Neither the Roadmap - nor the Arab Peace Initiative first proposed in 2002 - have any chance of succeeding whilst the Arab demands for their successful conclusion require Israel to cede every square metre of the West Bank and Gaza and allow millions of Arabs the right to emigrate to Israel.
In the meantime the Secretary-General has no better idea for ending the suffering of Gazans than letting them continue to live in Gaza to continue enduring the tribulations that have plagued them since 1948.
On the 6th January 2009 Cardinal Renato Martino, president of the Vatican’s Council for Justice and Peace, said in an interview in the Italian online newspaper Il Sussidiario.net.:
“Defenceless populations are always the ones who pay. Look at the conditions in Gaza: more and more, it resembles a big concentration camp,”
When the Allies encountered the remnants of European Jewry in the Nazi concentration camps at the end of World War 2 they opened the gates and set them free. Surely the Secretary-General cannot be so heartless as to deny Gazans the same opportunity to leave if they wish to do so.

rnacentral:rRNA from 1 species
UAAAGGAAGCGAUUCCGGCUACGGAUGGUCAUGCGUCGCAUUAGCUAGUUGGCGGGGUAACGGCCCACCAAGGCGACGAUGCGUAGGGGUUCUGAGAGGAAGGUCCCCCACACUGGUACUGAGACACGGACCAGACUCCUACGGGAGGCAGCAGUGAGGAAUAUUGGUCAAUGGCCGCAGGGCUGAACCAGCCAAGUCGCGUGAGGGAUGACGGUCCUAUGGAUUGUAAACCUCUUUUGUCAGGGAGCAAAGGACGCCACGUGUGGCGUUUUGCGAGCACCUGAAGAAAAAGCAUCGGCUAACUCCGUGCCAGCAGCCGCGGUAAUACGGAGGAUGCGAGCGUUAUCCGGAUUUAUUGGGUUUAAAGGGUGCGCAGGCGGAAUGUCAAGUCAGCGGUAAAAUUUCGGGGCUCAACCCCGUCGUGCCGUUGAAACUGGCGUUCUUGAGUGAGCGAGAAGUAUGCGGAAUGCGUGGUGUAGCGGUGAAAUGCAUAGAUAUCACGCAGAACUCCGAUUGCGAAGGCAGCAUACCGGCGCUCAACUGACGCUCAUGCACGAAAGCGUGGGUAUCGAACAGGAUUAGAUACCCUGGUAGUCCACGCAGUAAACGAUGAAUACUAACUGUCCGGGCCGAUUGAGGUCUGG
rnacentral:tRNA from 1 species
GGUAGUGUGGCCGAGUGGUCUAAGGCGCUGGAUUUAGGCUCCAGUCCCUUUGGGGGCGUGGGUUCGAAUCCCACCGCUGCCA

The international outcry at the humanitarian crisis in Gaza should ensure that a large number of countries would be prepared to offer themselves as a permanent or temporary haven for Gazans.
The money outlaid in rehousing and rehabilitating the new arrivals in those host countries would be infinitely more better spent than being poured into Gaza and would make the provision of assistance to those refusing to move much easier to implement.
Hamas might seek to restrain the evacuation of the population preferring to hold them as hostages in pursuit of their fanatical drive to eliminate the State of Israel. The United Nations should not be deterred in ensuring Hamas is not allowed to prevail and frustrate this vital humanitarian objective.
The Secretary-General needs to act with firmness and authority. More of the same is simply not good enough.